Thousands of Turkish fans booed Maccabi Tel Aviv players as they went on the pitch to warm up ahead of their Europa League game against Besiktas on Thursday, prompting Turkish officials to start playing loud music to drown out the noise.

Security was tight at Besiktas' Inonu stadium in Istanbul amid tensions with Israel over its refusal to apologize for a raid on a Gaza-bound ship last year that killed nine Turkish activists. More than 2,000 policemen were deployed in and around the stadium, NTV television said.

Only a dozen Israeli fans were seen inside a stand protected by netting all around to shield them from possible projectiles.

''Martyrs don't die,'' Turkish fans frequently shouted in reference to the Turkish victims during the game.

About 300 pro-Palestinian activists carrying Palestinian flags protested against the Israeli team before the politically charged match, television channels showed. At least one Turkish fan was seen waving the Palestinian flag in the stands as well.

Turkey recently expelled top Israeli diplomats, cut military ties with the country and vowed to send navy vessels to escort aid ships in the future.

Israel stands by its raid on the flotilla, saying its troops were defending themselves against activists who attacked them as they boarded.

Yair Asher of Flying Carpet, an Israeli travel company, said earlier Thursday that dozens of fans who arrived in Istanbul have been advised to blend in and not wear the yellow T-shirts of the Israeli team.

Turkey assured Maccabi and Israeli fans of their safety, rejecting calls for the game to be played at a neutral venue.

Turkey is keen to avoid a repeat of a European Cup basketball game between Bnei Hasharon and Turk Telekom in Ankara in 2009, when the Israeli team was forced to flee to the locker room as hundreds of fist-pumping and chanting Turkish fans pelted them with bottles, protesting an Israeli ground offensive in Gaza. The game was postponed because the Israeli team did not return to the court.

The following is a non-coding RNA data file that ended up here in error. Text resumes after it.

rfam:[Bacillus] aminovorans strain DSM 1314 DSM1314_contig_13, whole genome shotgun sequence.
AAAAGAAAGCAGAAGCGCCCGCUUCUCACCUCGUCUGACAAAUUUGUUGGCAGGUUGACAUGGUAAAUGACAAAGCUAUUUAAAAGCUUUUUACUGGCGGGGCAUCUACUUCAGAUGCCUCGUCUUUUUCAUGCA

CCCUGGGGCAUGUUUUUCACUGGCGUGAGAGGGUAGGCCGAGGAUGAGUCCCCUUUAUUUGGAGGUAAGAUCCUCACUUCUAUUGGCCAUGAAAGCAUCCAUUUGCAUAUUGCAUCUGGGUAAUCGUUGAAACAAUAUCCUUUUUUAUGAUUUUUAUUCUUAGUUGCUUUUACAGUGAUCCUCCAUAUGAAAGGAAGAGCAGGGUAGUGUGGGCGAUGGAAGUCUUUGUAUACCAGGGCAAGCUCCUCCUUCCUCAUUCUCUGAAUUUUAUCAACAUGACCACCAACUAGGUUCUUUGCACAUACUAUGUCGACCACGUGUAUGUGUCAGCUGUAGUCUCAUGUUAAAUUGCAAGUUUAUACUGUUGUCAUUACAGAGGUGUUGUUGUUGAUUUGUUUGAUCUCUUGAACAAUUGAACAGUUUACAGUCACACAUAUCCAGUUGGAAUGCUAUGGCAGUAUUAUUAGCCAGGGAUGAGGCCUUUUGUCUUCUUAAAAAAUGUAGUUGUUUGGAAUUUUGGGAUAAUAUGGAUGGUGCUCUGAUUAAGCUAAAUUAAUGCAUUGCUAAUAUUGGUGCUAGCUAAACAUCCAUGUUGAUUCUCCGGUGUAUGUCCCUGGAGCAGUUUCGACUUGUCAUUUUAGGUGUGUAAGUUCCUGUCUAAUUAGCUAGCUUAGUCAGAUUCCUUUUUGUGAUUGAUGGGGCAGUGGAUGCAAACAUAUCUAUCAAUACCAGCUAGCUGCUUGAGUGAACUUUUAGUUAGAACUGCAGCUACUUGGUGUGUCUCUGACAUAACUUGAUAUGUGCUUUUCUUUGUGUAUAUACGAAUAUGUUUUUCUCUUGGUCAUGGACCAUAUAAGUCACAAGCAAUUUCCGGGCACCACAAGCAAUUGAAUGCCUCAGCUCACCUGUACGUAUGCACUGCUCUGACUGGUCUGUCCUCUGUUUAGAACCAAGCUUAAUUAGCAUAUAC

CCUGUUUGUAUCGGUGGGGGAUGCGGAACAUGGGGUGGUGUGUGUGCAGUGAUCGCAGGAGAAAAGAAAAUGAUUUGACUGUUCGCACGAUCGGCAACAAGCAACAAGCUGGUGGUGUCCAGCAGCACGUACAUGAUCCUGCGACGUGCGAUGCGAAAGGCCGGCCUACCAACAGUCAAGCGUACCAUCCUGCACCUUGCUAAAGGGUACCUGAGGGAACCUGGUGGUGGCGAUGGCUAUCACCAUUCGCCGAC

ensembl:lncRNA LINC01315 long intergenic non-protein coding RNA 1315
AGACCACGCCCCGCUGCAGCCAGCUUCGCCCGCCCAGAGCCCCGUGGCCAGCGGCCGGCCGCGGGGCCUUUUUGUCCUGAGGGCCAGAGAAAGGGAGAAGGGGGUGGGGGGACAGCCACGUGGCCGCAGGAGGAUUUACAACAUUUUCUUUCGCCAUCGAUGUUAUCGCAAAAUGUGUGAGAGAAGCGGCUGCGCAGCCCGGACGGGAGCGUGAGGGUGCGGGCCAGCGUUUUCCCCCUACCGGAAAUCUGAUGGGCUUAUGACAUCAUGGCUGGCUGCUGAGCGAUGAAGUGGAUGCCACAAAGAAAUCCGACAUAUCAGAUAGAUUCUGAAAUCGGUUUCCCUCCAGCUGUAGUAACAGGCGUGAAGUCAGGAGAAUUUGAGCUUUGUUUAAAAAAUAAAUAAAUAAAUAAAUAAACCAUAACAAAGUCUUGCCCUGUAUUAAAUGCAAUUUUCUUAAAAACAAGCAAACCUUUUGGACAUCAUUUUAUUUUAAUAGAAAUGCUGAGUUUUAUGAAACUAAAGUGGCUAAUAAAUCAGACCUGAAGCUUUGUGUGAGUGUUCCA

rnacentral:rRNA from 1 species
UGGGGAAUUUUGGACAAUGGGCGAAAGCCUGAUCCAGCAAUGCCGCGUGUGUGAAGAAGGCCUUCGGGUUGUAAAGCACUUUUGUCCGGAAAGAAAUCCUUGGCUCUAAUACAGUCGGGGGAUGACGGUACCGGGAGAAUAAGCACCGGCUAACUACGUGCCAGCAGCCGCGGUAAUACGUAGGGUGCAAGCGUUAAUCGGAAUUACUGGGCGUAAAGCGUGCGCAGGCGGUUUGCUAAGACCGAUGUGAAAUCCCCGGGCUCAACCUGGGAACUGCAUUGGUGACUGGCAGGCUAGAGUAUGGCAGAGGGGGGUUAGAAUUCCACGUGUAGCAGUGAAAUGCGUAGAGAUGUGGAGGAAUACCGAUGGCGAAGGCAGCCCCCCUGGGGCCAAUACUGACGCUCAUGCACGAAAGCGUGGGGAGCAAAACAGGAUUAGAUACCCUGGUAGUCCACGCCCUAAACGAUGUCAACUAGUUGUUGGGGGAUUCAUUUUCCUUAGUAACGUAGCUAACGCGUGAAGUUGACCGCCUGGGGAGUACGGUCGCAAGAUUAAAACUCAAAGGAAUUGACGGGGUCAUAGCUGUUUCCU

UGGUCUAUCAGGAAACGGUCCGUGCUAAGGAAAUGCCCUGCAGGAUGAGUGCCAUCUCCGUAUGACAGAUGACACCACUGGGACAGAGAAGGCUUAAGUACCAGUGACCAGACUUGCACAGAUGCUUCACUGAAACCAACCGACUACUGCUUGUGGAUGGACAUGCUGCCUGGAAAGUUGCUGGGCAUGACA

Besiktas on Wednesday warned its supporters that the club could face punishment by UEFA for any unruly fan behavior.

Turkish-Israeli relations hit a new low earlier this month when a U.N. report into the Israeli raid said the country's naval blockade of Gaza was a ''legitimate security measure,'' but also called the raid on the flotilla that tried to break the blockade ''excessive and unreasonable.''

Turkey rejected the report, saying it does not recognize the blockade's legitimacy. It said ties with Israel would not return to their normal level until Israel apologizes, compensates the victims' families and lifts the blockade of Gaza.

Last week, Israel expressed regret for the loss of lives and said it was time for the two countries to restore their former ties.

Turkey also took strict security measures during last year's European Volleyball League tournament and closed a game between Turkey and Israel to the public. A small group of protesters were stopped by police two blocks away from the venue as they voiced anger over Israel's May 31 raid on the Gaza-bound flotilla.

Before another volleyball match between Israel and Serbia during the tournament in July, protesters scuffled with police, pounding police shields with Palestinian flags.

In previous years, an Egyptian football player assaulted an Israeli player during a league match in Turkey.


Associated Press Writers Selcan Hacaoglu and Ozgur Akman in Ankara contributed to this report.